Jim Paul's meteoric rise took him from a small town in Northern Kentucky to Governor of the Chicago Mercantile Exchange, yet he lost it all -- his fortune, his reputation, and his job -- in one fatal moment of excessive economic hubris. In this honest, frank analysis, Paul and Brendan Moynihan revisit the events that led up to Paul's disastrous decision and examine the psychological factors behind bad financial practices in a number of economic sectors.
The book begins with the unbroken string of successes that helped Paul achieve a jet-setting lifestyle and land a key spot with the Chicago Mercantile Exchange. It then describes the circumstances leading up to Paul's $1.6 million loss and the essential lessons he learned from it -- primarily that, although there are as many ways to make money in the markets as there are people participating in them, there are very few ways to produce a loss. People lose money in the markets either because of errors in their analysis or because of psychological barriers preventing the application of analysis. While all analytical methods have some validity and make allowances for instances in which they do not work, psychological factors can keep an investor in a losing position, causing him to abandon one method for another when the first fails. Paul and Moynihan's cautionary tale concludes with strategies for avoiding loss, tied to a simple framework for understanding, accepting, and dodging the dangers of investing, trading, and speculating.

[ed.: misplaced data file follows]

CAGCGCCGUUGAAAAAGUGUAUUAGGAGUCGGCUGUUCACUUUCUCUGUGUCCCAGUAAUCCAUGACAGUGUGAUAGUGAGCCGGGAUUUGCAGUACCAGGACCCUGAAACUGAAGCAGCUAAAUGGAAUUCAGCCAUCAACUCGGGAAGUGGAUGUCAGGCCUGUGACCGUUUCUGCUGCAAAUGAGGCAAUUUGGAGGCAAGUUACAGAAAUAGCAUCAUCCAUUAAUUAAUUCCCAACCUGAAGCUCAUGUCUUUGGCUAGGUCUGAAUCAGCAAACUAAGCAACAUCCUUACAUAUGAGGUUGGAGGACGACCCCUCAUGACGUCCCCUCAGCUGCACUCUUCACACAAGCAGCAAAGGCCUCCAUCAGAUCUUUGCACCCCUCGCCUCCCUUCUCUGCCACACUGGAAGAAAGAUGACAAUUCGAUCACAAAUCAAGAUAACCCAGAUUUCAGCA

Subjects: Business, History, Finance
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